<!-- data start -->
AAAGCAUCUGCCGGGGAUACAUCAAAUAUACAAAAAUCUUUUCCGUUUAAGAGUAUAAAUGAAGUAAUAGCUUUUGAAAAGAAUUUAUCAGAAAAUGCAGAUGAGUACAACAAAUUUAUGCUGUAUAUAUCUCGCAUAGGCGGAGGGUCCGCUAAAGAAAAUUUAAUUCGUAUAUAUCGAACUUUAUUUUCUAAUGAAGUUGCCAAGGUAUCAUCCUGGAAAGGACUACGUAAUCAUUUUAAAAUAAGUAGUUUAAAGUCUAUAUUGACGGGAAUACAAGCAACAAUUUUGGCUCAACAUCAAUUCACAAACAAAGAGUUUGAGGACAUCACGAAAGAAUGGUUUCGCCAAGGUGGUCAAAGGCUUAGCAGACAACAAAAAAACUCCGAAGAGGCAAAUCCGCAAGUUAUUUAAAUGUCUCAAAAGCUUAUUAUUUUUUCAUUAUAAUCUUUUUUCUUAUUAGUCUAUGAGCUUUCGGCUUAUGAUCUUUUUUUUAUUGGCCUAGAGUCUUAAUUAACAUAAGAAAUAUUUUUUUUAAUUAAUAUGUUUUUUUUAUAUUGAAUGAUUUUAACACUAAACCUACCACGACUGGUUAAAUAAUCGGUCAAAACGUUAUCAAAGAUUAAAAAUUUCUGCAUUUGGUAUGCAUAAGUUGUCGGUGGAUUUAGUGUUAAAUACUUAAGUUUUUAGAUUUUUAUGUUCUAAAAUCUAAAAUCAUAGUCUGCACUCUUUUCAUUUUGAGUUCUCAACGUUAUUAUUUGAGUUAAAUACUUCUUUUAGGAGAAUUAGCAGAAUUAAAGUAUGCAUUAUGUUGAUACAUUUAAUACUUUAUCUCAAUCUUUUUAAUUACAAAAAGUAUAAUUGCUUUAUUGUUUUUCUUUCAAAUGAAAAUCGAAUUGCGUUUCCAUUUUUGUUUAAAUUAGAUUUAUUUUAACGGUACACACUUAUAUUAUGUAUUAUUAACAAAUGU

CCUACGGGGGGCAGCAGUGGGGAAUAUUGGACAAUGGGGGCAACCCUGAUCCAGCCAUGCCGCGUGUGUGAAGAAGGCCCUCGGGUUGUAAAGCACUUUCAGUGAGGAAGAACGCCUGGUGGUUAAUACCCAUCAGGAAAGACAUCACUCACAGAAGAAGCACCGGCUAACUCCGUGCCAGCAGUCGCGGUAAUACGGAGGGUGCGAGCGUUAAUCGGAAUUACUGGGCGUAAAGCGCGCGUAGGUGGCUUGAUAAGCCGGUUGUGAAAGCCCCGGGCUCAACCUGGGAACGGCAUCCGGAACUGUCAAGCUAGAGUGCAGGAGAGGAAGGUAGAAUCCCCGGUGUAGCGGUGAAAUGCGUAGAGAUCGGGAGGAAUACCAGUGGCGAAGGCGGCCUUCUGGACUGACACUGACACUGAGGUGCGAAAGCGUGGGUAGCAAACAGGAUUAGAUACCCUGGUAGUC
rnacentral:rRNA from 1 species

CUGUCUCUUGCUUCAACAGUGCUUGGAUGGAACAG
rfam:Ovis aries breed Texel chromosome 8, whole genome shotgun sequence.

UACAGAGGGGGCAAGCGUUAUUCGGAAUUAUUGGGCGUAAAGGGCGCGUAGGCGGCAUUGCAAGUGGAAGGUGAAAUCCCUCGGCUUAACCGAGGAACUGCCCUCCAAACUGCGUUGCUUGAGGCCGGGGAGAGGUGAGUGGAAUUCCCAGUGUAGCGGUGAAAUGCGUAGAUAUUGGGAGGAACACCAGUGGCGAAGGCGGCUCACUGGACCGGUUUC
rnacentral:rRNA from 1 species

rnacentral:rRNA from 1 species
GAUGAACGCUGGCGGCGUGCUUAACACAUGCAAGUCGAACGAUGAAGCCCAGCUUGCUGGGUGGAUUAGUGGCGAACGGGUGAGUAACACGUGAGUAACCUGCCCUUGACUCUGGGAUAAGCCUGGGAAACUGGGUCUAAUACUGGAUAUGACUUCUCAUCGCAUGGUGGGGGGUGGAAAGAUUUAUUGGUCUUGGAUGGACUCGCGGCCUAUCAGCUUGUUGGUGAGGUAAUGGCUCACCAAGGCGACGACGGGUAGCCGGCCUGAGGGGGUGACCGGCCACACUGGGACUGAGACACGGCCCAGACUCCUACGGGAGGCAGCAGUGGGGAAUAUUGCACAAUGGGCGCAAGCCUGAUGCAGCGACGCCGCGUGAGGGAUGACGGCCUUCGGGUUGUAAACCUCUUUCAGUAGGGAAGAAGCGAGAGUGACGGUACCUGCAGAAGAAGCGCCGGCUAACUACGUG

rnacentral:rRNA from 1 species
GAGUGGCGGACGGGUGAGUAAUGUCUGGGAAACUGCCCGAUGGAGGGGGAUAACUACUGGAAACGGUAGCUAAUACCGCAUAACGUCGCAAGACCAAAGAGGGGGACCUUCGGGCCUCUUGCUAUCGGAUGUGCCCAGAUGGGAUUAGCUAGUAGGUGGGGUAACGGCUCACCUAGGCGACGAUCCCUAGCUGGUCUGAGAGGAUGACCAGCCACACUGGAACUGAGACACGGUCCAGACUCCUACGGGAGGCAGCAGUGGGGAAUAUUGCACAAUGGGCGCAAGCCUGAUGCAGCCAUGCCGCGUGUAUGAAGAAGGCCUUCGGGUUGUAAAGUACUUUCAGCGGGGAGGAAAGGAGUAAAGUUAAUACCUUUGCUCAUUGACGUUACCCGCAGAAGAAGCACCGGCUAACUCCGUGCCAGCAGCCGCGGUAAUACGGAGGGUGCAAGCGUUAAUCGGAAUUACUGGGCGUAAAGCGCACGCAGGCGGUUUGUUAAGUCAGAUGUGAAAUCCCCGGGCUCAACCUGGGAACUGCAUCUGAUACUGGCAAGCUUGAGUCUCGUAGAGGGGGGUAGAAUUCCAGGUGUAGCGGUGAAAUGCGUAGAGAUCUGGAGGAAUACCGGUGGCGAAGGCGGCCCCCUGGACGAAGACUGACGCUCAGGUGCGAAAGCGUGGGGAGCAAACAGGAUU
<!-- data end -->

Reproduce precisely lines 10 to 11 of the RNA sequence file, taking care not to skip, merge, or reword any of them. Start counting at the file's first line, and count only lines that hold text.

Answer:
rnacentral:rRNA from 1 species
GAGUGGCGGACGGGUGAGUAAUGUCUGGGAAACUGCCCGAUGGAGGGGGAUAACUACUGGAAACGGUAGCUAAUACCGCAUAACGUCGCAAGACCAAAGAGGGGGACCUUCGGGCCUCUUGCUAUCGGAUGUGCCCAGAUGGGAUUAGCUAGUAGGUGGGGUAACGGCUCACCUAGGCGACGAUCCCUAGCUGGUCUGAGAGGAUGACCAGCCACACUGGAACUGAGACACGGUCCAGACUCCUACGGGAGGCAGCAGUGGGGAAUAUUGCACAAUGGGCGCAAGCCUGAUGCAGCCAUGCCGCGUGUAUGAAGAAGGCCUUCGGGUUGUAAAGUACUUUCAGCGGGGAGGAAAGGAGUAAAGUUAAUACCUUUGCUCAUUGACGUUACCCGCAGAAGAAGCACCGGCUAACUCCGUGCCAGCAGCCGCGGUAAUACGGAGGGUGCAAGCGUUAAUCGGAAUUACUGGGCGUAAAGCGCACGCAGGCGGUUUGUUAAGUCAGAUGUGAAAUCCCCGGGCUCAACCUGGGAACUGCAUCUGAUACUGGCAAGCUUGAGUCUCGUAGAGGGGGGUAGAAUUCCAGGUGUAGCGGUGAAAUGCGUAGAGAUCUGGAGGAAUACCGGUGGCGAAGGCGGCCCCCUGGACGAAGACUGACGCUCAGGUGCGAAAGCGUGGGGAGCAAACAGGAUU